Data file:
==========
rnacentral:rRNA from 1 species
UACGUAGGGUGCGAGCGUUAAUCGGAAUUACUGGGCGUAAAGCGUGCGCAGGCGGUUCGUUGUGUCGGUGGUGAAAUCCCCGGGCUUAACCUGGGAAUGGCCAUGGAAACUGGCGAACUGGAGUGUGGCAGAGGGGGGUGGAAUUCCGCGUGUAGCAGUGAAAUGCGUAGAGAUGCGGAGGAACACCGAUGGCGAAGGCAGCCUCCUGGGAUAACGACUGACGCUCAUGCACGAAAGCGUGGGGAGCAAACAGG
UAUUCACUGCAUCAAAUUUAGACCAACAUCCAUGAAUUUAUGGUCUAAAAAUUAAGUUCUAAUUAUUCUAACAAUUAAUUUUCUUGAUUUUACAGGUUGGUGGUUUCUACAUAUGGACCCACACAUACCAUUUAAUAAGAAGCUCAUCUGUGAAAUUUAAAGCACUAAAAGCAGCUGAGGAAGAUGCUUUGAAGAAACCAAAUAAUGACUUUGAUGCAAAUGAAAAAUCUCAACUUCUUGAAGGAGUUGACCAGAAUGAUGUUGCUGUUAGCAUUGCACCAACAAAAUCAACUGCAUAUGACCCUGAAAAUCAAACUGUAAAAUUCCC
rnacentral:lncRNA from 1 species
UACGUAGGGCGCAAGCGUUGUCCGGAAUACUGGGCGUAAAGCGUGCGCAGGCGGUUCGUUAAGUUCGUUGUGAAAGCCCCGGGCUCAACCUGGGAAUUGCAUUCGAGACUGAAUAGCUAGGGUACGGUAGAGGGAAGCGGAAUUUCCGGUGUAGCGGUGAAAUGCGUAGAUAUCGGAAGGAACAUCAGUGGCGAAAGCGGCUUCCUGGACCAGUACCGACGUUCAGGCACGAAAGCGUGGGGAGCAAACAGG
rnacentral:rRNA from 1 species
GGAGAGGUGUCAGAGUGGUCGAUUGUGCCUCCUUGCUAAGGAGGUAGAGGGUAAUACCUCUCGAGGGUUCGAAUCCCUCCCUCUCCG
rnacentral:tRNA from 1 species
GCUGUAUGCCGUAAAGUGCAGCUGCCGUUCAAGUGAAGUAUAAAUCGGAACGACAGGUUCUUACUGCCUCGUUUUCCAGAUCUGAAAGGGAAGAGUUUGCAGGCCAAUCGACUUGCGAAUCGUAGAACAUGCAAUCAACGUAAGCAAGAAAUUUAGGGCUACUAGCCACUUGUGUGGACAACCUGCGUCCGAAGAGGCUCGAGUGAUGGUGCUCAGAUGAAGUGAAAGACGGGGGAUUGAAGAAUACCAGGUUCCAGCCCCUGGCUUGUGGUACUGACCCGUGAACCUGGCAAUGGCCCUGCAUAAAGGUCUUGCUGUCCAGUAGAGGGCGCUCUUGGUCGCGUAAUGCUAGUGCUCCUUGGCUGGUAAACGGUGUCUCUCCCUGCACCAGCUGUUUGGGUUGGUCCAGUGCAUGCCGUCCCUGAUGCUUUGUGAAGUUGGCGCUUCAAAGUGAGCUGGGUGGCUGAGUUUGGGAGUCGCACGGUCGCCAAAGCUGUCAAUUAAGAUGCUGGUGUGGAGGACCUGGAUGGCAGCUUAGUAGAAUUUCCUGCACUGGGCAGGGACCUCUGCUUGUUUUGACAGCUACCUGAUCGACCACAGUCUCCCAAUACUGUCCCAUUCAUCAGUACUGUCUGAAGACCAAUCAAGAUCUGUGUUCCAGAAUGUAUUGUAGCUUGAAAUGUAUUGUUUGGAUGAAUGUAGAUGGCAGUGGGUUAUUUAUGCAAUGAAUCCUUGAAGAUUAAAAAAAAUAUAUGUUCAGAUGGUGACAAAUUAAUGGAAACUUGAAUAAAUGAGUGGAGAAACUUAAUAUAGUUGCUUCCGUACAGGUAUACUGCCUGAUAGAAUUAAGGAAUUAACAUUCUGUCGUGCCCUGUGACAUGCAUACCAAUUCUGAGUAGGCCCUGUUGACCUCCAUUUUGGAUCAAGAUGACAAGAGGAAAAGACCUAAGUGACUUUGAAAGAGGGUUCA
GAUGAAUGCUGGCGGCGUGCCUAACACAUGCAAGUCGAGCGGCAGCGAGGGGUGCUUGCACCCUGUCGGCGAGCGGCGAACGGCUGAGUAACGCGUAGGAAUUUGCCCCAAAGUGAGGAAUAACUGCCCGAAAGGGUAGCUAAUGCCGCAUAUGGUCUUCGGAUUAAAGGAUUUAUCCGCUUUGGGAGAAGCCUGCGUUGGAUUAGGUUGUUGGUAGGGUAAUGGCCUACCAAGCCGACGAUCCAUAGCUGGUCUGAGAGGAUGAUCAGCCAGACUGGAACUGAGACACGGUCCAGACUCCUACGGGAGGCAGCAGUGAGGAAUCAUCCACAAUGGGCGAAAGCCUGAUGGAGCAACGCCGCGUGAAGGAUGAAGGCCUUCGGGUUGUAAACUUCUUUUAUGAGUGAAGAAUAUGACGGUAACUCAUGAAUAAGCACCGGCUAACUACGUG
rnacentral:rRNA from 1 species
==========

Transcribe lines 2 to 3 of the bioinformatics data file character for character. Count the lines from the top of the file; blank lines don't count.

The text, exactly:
UACGUAGGGUGCGAGCGUUAAUCGGAAUUACUGGGCGUAAAGCGUGCGCAGGCGGUUCGUUGUGUCGGUGGUGAAAUCCCCGGGCUUAACCUGGGAAUGGCCAUGGAAACUGGCGAACUGGAGUGUGGCAGAGGGGGGUGGAAUUCCGCGUGUAGCAGUGAAAUGCGUAGAGAUGCGGAGGAACACCGAUGGCGAAGGCAGCCUCCUGGGAUAACGACUGACGCUCAUGCACGAAAGCGUGGGGAGCAAACAGG
UAUUCACUGCAUCAAAUUUAGACCAACAUCCAUGAAUUUAUGGUCUAAAAAUUAAGUUCUAAUUAUUCUAACAAUUAAUUUUCUUGAUUUUACAGGUUGGUGGUUUCUACAUAUGGACCCACACAUACCAUUUAAUAAGAAGCUCAUCUGUGAAAUUUAAAGCACUAAAAGCAGCUGAGGAAGAUGCUUUGAAGAAACCAAAUAAUGACUUUGAUGCAAAUGAAAAAUCUCAACUUCUUGAAGGAGUUGACCAGAAUGAUGUUGCUGUUAGCAUUGCACCAACAAAAUCAACUGCAUAUGACCCUGAAAAUCAAACUGUAAAAUUCCC